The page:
Technical Terms - Well Explained
- Spinal Stenosis
Exostoses of bone tissue or protrusions of disk tissue can lead to constrictions at the nerve exits of the vertebral joints (foraminal stenoses) or in the spinal canal (spinal stenoses). This results in the irritation of the nerve roots as well as feelings of numbness and instability while walking.
A foraminal stenosis can be caused by facet arthrosis. This phenomenon of wear and tear results in an increased development of wild bone mass, which may constrict the nerve exit from behind. Yet disk tissue invading the nerve exit or exostoses of the vertebral bodies can pressure it also from the front.
This can happen, for example, following old disk prolapses or in the wake of degenerative changes in the disks (osteochondrosis). All this results in the irritation of the relevant nerve root and radiates out into the back and legs, including feelings of "furriness", prickles and needles, an antsy kind of itching and the loss of reflexes. In spinal stenoses, there is a difference between primary and secondary forms. Primary means that a person has already been born with a constricted spinal canal.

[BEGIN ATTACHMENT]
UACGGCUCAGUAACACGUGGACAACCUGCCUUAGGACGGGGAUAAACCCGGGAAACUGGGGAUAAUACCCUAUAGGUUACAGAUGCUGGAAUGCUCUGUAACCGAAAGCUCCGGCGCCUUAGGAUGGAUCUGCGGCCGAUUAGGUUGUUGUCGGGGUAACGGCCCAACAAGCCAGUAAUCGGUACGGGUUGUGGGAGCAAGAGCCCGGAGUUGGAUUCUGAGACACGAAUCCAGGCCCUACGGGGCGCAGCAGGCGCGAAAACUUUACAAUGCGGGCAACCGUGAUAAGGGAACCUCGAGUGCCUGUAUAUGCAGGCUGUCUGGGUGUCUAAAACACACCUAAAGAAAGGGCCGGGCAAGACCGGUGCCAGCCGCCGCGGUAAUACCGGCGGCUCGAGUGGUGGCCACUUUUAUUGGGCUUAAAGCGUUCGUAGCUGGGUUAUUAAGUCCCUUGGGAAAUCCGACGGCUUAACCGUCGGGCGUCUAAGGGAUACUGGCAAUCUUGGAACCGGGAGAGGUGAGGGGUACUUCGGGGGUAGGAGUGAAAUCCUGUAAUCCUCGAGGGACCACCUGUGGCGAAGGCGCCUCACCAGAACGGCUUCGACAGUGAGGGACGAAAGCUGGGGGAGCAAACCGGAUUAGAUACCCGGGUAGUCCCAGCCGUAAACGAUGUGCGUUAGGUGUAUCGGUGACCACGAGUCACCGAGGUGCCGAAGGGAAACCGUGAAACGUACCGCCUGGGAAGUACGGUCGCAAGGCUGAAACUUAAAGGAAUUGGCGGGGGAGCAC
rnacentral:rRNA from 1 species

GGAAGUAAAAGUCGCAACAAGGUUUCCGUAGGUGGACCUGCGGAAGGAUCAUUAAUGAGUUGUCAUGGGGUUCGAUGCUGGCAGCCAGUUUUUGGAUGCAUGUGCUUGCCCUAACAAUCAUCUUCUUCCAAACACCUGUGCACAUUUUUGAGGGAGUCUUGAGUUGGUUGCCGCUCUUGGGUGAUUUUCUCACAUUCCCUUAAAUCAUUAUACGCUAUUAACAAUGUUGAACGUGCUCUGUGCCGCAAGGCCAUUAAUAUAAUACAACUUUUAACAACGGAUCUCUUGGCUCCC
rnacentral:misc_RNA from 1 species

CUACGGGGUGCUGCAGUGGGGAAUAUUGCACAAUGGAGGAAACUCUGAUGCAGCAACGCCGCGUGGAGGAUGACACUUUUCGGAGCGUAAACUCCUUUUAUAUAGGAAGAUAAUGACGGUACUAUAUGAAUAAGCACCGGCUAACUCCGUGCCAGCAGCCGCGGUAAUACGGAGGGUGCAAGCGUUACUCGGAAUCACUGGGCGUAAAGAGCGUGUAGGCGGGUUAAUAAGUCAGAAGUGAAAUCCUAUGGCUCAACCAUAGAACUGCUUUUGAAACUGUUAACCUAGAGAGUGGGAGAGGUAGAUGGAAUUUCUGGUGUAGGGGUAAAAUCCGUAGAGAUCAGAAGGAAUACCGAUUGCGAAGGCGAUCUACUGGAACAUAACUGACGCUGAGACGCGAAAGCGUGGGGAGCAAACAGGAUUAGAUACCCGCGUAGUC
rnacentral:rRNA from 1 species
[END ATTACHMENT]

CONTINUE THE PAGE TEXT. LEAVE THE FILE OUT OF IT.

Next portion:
Yet many people above the age of 60 suffer from a secondary stenosis caused by wear and tear, meaning an acquired constriction of the spinal canal. This constriction may have different causes: damaged spinal disks which protrude, and exostoses of bone tissue at the intervertebral joints (spondylophytes), but also a thickening of the ligamentum flavum, the ligament, which holds both vertebral bodies together, thus adding stability to the spine.